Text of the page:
4. Company B, Second Cavalry California Volunteers, now at the Presido of San Francisco, will proceed to and take post at Camp Union, near Sacramento, Cal., the quartermaster's department furnishing the necessary transportation.
5. Company B, Native California Cavalry, will take up the line of march for Drum Barracks, via San Jose, Pacheco Pass, Visalia, and Fort Tejon, as soon as the necessary transportation can be furnished by the quartermaster's department. The command will be supplied with forage to last it to Visalia, where it will draw from the acting quartermaster an amount sufficient for the balance of the march. All the company property not absolutely required on the march will be sent by water to Drum Barracks.
By command of Major-General McDowell:
R. C. DRUM.
FORT VANCOUVER, WASH. TER., November 12, 1864.
Colonel R. C. DRUM.
Assistant Adjutant-General, San Francisco, Cal.:
Your telegram of yesterday received. * Letters by mail of 7th and 9th explain. Arms sent by the Governor to Eugene City are threatened with seizure. If troubles occur the wires will be cut. I ask discretionary authority in advance to save time.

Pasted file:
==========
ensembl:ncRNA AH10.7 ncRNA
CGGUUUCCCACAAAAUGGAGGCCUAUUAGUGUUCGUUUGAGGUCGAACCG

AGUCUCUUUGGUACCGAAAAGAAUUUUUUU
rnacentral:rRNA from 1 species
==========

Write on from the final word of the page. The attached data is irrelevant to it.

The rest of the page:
SALEM, November 12, 1864.
General B. ALVORD.
Fort Vancouver, Wash. Ter.:
MY DEAR SIR: I received your letter of 8th instant yesterday. The marvelous disclosures of Cooper had been known here for several days previous, and had caused no little excitement. Cooper is a most unreliable person, and his statements would have attracted very little notice had they not been backed up by similar statements from one Pearson and many corroborative circumstances. After sifting all the evidence we have concluded that this much is certain; First. That a secret organization exists all over this State and California. Its numbers may or may not be as stated by Cooper. Second. The members have bound themselves to resist the draft or any military arrest. I do nt think their obligations extend beyond this, though it may be that individuals among them have further and more dangerous designs. Third. The members have been diligent in accumulating arms and ammunition for some time past, and have generally tried to observe secrecy in doing so. I know of no evidence that the organization, as such has any arms. This is all which we have learned with certainty. We think that whatever danger may have existed is now mainly passed. The news of Lincoln's triumphant election and the good sense of the Copperhead leaders themselves will combine to keep the rabble down. Had the result of the election been different and military disaster to the Federal arms occurred about the same time, we might have had a different state of things. You have seen the account of the
*Probably that of the 10th, p. 1054.